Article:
Intel Kaby Lake i3 7350K Review

Intel Kaby Lake i3-7350K Review


The capability of Intel to produce fantastic CPUs for a multitude of generations usually means that it is worth skipping one or two if you’re planning on an upgrade. As you saw when we reviewed the i5-7600K and i7-7700K they didn’t offer much that the 6600K and 6700Ks couldn’t already do. So our conclusions always end up being along the lines of “great if you’re starting afresh or on something old, but tough to justify if you’ve already got the previous generation”. 

With the i3-7350K though things are very different indeed.

We always liked the i3 processor as the underpinnings for a gaming system. If there is a negative to the way that console gaming has bled into the PC Marketplace it’s the limitations of console hardware meaning that it is far more important to spend your money on a better graphics card. The difference between an 8-Core i7-6950X and a dual-core i3 was minimal at anything approaching a decent resolution. Of course we don’t all just game on our systems though so there was a price to pay if you wished to do anything more strenuous than browse the net. With the i3-7350K that just isn’t the case any more.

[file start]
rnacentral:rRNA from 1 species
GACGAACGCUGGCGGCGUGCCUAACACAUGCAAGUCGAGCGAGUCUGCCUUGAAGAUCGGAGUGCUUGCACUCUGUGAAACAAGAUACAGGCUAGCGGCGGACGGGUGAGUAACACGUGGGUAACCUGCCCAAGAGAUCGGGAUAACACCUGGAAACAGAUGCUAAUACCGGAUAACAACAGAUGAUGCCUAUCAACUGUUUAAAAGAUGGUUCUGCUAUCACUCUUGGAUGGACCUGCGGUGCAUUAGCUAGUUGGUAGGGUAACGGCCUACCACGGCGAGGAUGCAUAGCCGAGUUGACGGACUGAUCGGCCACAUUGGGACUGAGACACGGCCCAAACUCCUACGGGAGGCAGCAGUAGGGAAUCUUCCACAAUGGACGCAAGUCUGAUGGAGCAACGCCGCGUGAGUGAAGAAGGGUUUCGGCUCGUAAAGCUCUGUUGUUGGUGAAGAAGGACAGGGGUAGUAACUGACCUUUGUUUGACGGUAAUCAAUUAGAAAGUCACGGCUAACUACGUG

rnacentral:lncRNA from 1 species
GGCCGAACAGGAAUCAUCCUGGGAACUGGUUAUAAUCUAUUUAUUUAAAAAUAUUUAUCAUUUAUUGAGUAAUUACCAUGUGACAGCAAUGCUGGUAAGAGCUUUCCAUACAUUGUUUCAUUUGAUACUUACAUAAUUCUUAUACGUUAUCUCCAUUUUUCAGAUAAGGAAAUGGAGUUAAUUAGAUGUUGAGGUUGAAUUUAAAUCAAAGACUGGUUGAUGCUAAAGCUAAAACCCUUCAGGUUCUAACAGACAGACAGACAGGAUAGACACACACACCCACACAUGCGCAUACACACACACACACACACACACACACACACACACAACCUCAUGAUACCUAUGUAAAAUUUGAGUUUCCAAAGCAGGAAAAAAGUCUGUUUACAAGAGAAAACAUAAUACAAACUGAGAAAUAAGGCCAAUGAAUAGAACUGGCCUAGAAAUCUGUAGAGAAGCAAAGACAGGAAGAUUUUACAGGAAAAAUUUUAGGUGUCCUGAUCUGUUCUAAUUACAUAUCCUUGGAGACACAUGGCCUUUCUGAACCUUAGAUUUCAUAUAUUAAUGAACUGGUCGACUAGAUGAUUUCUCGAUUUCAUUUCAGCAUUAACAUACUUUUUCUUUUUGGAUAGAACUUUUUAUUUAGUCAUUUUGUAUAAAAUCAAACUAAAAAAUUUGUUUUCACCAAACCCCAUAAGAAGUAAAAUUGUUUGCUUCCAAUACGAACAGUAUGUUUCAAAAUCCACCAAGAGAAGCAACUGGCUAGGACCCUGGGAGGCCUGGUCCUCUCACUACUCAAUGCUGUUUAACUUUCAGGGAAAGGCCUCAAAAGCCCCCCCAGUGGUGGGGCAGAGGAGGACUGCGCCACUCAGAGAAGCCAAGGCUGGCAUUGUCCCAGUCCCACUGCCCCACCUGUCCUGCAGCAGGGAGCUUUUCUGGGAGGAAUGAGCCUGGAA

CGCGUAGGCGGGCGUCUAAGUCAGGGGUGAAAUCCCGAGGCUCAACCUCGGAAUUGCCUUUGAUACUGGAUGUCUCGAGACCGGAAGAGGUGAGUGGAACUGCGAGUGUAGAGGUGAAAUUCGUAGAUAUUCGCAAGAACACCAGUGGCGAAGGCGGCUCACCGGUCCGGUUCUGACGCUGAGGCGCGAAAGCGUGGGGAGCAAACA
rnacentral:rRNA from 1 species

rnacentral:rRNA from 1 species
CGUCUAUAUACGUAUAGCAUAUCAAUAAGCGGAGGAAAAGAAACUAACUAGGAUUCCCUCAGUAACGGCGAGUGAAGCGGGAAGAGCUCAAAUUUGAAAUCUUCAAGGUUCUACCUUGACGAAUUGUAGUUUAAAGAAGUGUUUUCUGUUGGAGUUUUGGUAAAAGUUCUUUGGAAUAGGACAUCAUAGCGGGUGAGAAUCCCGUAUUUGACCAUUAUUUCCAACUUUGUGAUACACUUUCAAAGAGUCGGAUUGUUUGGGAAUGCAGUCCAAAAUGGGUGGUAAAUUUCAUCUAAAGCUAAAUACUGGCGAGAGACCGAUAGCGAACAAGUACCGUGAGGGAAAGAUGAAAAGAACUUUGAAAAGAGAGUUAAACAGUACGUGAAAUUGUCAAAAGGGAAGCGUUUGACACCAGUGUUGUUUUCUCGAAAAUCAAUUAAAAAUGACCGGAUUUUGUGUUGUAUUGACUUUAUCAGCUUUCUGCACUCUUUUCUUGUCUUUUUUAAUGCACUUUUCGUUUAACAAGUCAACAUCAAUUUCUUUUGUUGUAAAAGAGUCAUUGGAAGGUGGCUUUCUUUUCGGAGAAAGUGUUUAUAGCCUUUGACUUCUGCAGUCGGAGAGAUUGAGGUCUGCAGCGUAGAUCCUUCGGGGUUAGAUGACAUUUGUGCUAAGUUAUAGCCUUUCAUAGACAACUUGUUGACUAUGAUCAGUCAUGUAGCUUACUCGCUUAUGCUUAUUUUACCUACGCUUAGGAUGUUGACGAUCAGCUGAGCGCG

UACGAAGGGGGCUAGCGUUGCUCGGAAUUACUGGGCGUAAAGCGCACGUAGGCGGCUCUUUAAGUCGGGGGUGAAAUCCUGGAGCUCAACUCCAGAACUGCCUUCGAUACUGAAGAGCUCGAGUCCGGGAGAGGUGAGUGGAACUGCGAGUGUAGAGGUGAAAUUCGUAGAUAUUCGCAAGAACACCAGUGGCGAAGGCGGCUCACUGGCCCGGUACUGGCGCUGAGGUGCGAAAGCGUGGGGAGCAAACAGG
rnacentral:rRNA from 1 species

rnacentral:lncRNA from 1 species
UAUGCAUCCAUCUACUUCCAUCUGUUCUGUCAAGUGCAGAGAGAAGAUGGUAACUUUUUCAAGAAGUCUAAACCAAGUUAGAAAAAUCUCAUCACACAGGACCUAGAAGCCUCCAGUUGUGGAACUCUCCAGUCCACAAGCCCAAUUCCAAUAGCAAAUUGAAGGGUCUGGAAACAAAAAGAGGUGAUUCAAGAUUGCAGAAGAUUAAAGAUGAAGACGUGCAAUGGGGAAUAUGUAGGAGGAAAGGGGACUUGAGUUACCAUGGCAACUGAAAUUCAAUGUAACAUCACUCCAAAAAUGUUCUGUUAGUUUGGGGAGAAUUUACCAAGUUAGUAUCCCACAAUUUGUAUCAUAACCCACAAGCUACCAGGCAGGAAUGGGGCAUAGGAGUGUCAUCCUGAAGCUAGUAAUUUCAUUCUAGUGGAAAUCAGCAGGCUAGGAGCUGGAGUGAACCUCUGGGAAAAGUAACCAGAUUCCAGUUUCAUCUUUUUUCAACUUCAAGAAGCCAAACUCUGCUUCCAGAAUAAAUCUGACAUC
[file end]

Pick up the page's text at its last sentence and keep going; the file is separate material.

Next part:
The combination of a dual-core CPU with hyperthreading has meant that all but the truly core-heavy tasks such as rendering or video encoding are able to be handled with aplomb. The real feather in the cap of the i3-7350K is the overclocking though. It’s hardly a slouch at 4.2 GHz out of the box, but we easily got 5 GHz from its refined 14nm process. Couple this to some speedy RAM and you end up with a system that is a great all rounder. Our PC Mark 7 and 8 results were perfect reflections of this.

There are a couple of minor niggles. Firstly the i3-7350K is more expensive than previous i3s, largely because of that hyperthreading and overclocking. It’s not significantly cheaper than an i5-7600K. The choice is yours, but it’s slightly harder to recommend when its butting up against its bigger brother. Secondly it might be a monster overclocker that gets 5GHz but that overclocking comes at a significant power draw cost. Our OC’d system drew nearly twice the Watts at the wall of the stock system. It is by no means thirst, but it’s something worth bearing in mind.

With great overclocking, good all round performance and fantastic gaming performance the i3 7350K is definitely worth considering if you know that you’ll be gaming more often than not, and thus wins our OC3D Gamers Choice award.

Intel Kaby Lake i3-7350K Review  

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